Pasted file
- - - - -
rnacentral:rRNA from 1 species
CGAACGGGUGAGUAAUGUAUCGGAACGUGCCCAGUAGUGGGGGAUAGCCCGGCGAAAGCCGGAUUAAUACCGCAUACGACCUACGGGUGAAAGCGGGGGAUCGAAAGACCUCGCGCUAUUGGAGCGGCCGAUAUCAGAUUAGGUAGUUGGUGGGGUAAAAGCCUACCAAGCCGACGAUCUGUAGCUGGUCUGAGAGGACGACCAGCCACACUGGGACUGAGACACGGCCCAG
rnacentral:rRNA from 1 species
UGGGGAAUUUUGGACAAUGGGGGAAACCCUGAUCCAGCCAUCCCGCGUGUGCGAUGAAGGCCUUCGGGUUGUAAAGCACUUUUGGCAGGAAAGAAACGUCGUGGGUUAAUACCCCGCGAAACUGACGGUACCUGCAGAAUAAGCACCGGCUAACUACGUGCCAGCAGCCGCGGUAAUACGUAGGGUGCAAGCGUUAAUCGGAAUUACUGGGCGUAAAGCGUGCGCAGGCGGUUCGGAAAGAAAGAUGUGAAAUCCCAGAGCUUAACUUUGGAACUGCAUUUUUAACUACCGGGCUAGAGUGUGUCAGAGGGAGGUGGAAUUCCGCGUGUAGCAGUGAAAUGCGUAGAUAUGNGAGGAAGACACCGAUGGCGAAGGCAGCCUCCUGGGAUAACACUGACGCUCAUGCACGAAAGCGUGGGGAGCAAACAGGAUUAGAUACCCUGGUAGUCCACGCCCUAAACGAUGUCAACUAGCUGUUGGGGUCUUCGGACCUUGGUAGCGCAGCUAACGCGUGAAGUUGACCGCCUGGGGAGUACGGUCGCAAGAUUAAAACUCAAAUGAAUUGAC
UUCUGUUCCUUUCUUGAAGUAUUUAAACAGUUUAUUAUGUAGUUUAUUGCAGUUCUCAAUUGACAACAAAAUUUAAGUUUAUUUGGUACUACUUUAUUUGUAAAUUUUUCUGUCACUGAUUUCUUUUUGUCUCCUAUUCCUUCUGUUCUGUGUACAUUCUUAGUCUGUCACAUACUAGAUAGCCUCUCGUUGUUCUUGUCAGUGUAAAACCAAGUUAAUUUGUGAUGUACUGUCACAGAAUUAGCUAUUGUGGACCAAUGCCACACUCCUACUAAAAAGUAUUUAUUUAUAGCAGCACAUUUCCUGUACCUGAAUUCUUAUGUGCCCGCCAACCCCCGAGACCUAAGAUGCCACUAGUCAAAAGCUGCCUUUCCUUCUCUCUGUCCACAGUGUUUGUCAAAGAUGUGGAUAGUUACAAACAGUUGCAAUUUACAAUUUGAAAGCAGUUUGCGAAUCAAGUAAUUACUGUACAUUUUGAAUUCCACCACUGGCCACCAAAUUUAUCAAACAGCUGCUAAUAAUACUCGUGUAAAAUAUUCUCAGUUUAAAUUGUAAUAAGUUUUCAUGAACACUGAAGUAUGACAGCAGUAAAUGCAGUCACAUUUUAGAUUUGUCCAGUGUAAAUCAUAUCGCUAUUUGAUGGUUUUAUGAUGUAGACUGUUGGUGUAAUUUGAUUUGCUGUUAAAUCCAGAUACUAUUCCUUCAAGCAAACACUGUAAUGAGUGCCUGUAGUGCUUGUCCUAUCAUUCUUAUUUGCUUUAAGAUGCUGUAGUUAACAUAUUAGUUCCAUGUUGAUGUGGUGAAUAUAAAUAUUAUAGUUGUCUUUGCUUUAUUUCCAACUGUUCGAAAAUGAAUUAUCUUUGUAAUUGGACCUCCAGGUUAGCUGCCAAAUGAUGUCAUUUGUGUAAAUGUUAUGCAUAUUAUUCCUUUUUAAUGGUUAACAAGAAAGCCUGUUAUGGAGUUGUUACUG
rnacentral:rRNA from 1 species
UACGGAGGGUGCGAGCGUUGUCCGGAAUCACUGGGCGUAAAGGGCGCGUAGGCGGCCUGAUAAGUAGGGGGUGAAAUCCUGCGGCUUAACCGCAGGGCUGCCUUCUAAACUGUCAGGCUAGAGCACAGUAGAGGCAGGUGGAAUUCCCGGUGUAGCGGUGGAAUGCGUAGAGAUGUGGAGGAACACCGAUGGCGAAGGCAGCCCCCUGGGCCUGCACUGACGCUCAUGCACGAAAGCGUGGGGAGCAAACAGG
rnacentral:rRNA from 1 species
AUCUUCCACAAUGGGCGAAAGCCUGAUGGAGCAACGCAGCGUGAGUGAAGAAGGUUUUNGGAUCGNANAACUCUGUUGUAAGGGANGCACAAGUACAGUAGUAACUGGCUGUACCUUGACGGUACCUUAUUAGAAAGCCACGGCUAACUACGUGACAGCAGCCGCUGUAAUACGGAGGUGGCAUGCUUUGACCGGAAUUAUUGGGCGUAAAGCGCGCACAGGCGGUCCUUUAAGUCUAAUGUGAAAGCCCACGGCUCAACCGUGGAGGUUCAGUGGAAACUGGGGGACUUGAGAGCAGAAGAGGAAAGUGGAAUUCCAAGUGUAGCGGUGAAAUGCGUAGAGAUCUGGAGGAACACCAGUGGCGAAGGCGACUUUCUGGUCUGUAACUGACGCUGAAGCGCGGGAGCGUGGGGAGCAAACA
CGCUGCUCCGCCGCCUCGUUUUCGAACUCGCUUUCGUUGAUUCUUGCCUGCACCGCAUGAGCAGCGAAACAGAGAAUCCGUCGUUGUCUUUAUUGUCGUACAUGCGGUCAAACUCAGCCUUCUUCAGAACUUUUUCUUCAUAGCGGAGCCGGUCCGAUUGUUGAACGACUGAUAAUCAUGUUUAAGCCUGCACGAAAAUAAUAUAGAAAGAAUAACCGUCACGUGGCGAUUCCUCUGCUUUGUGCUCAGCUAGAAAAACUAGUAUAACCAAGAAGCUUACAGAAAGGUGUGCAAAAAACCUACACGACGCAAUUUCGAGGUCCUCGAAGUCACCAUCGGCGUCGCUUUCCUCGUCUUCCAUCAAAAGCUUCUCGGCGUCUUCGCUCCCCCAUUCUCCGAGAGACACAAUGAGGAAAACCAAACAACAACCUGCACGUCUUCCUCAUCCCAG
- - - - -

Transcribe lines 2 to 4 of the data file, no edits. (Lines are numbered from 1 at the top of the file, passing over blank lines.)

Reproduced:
CGAACGGGUGAGUAAUGUAUCGGAACGUGCCCAGUAGUGGGGGAUAGCCCGGCGAAAGCCGGAUUAAUACCGCAUACGACCUACGGGUGAAAGCGGGGGAUCGAAAGACCUCGCGCUAUUGGAGCGGCCGAUAUCAGAUUAGGUAGUUGGUGGGGUAAAAGCCUACCAAGCCGACGAUCUGUAGCUGGUCUGAGAGGACGACCAGCCACACUGGGACUGAGACACGGCCCAG
rnacentral:rRNA from 1 species
UGGGGAAUUUUGGACAAUGGGGGAAACCCUGAUCCAGCCAUCCCGCGUGUGCGAUGAAGGCCUUCGGGUUGUAAAGCACUUUUGGCAGGAAAGAAACGUCGUGGGUUAAUACCCCGCGAAACUGACGGUACCUGCAGAAUAAGCACCGGCUAACUACGUGCCAGCAGCCGCGGUAAUACGUAGGGUGCAAGCGUUAAUCGGAAUUACUGGGCGUAAAGCGUGCGCAGGCGGUUCGGAAAGAAAGAUGUGAAAUCCCAGAGCUUAACUUUGGAACUGCAUUUUUAACUACCGGGCUAGAGUGUGUCAGAGGGAGGUGGAAUUCCGCGUGUAGCAGUGAAAUGCGUAGAUAUGNGAGGAAGACACCGAUGGCGAAGGCAGCCUCCUGGGAUAACACUGACGCUCAUGCACGAAAGCGUGGGGAGCAAACAGGAUUAGAUACCCUGGUAGUCCACGCCCUAAACGAUGUCAACUAGCUGUUGGGGUCUUCGGACCUUGGUAGCGCAGCUAACGCGUGAAGUUGACCGCCUGGGGAGUACGGUCGCAAGAUUAAAACUCAAAUGAAUUGAC